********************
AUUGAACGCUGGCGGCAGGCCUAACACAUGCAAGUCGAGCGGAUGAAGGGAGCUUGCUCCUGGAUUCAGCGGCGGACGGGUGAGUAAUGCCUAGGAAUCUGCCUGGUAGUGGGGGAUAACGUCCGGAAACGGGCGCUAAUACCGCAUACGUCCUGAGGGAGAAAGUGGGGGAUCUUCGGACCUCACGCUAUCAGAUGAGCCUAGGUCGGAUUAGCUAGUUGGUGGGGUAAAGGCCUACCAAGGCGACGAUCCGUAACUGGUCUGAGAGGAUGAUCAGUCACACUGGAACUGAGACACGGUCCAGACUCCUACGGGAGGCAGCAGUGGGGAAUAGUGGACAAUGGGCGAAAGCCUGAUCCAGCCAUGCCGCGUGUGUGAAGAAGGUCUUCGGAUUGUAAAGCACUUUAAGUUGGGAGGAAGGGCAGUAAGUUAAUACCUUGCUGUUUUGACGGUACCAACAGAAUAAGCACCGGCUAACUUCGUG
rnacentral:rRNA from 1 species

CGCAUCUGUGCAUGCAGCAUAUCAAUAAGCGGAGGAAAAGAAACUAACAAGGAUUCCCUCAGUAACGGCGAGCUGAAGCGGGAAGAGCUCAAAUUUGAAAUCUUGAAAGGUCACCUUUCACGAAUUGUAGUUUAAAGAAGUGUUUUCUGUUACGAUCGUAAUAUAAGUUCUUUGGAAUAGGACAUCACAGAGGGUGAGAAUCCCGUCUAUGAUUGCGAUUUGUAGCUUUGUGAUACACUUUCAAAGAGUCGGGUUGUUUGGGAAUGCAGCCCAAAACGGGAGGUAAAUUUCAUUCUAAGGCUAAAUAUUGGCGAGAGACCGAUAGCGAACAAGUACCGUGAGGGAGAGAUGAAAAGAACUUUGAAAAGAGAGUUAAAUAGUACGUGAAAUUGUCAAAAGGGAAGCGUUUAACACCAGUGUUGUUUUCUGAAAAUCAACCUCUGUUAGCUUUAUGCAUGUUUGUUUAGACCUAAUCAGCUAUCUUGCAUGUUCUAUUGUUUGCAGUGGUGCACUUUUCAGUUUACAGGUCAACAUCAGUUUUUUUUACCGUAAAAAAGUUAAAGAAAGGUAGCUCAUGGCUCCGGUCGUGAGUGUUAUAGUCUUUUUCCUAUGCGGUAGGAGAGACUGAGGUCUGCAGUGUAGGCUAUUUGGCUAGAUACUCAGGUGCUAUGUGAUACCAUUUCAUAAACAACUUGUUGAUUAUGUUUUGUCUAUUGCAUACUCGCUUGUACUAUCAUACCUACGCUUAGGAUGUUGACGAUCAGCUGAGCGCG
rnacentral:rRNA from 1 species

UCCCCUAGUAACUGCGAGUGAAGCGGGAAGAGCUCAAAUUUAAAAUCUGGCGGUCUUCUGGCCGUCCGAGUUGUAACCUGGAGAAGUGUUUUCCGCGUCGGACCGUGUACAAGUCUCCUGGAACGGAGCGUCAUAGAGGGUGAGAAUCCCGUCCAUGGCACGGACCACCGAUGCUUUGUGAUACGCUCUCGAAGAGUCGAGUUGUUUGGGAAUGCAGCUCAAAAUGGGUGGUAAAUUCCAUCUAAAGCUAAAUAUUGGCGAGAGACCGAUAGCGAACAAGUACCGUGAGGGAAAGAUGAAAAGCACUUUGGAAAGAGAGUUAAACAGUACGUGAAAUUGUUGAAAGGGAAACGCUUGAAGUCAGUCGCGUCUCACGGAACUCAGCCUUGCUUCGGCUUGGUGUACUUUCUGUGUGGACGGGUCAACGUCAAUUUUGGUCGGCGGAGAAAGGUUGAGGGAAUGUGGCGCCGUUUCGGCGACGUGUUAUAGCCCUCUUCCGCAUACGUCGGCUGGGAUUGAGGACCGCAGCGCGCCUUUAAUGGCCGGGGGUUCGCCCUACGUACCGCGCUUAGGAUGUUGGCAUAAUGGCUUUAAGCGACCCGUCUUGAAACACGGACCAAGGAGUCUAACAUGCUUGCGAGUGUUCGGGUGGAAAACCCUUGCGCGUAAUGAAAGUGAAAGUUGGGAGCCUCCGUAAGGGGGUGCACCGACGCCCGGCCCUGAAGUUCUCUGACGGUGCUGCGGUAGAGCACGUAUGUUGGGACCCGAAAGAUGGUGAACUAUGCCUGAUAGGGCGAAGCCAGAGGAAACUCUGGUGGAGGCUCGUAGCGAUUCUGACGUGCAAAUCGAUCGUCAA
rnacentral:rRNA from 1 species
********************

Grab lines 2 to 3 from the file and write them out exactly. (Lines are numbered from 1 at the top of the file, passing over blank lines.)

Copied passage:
rnacentral:rRNA from 1 species

CGCAUCUGUGCAUGCAGCAUAUCAAUAAGCGGAGGAAAAGAAACUAACAAGGAUUCCCUCAGUAACGGCGAGCUGAAGCGGGAAGAGCUCAAAUUUGAAAUCUUGAAAGGUCACCUUUCACGAAUUGUAGUUUAAAGAAGUGUUUUCUGUUACGAUCGUAAUAUAAGUUCUUUGGAAUAGGACAUCACAGAGGGUGAGAAUCCCGUCUAUGAUUGCGAUUUGUAGCUUUGUGAUACACUUUCAAAGAGUCGGGUUGUUUGGGAAUGCAGCCCAAAACGGGAGGUAAAUUUCAUUCUAAGGCUAAAUAUUGGCGAGAGACCGAUAGCGAACAAGUACCGUGAGGGAGAGAUGAAAAGAACUUUGAAAAGAGAGUUAAAUAGUACGUGAAAUUGUCAAAAGGGAAGCGUUUAACACCAGUGUUGUUUUCUGAAAAUCAACCUCUGUUAGCUUUAUGCAUGUUUGUUUAGACCUAAUCAGCUAUCUUGCAUGUUCUAUUGUUUGCAGUGGUGCACUUUUCAGUUUACAGGUCAACAUCAGUUUUUUUUACCGUAAAAAAGUUAAAGAAAGGUAGCUCAUGGCUCCGGUCGUGAGUGUUAUAGUCUUUUUCCUAUGCGGUAGGAGAGACUGAGGUCUGCAGUGUAGGCUAUUUGGCUAGAUACUCAGGUGCUAUGUGAUACCAUUUCAUAAACAACUUGUUGAUUAUGUUUUGUCUAUUGCAUACUCGCUUGUACUAUCAUACCUACGCUUAGGAUGUUGACGAUCAGCUGAGCGCG